Kant on Criminal Punishment

Journal of Philosophical Research 19:61-74 (1994)
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Kant maintains that retribution is the only morally sound justification for criminal punishment. He claims that all just criminal punishment must conform to the “principle of equality,” an inflexible juridical rule which takes the form of a categorical imperative. Focusing on his further claim that the principle of equality establishes that capital punishment is the only suitable punishment for murder, I question Kant’s contention that the principle of equality is a categorical imperative. Following two lines of inquiry drawing upon the nature of a categorical imperative, I suggest that the principle of equality is a principle conditioned by experience, a hypothetical imperative which Kant only shows to be consistent with, not necessarily mandated by, the idea of a just civil state.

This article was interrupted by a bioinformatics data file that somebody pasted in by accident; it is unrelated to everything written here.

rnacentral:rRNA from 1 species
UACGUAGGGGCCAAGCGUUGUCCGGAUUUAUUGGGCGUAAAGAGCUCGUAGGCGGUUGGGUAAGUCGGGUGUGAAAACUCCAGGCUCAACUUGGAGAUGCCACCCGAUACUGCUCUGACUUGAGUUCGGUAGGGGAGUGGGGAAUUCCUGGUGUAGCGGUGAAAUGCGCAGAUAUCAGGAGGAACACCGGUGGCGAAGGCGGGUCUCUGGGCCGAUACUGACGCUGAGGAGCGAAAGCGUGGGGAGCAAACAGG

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Douglas Lind
Virginia Tech

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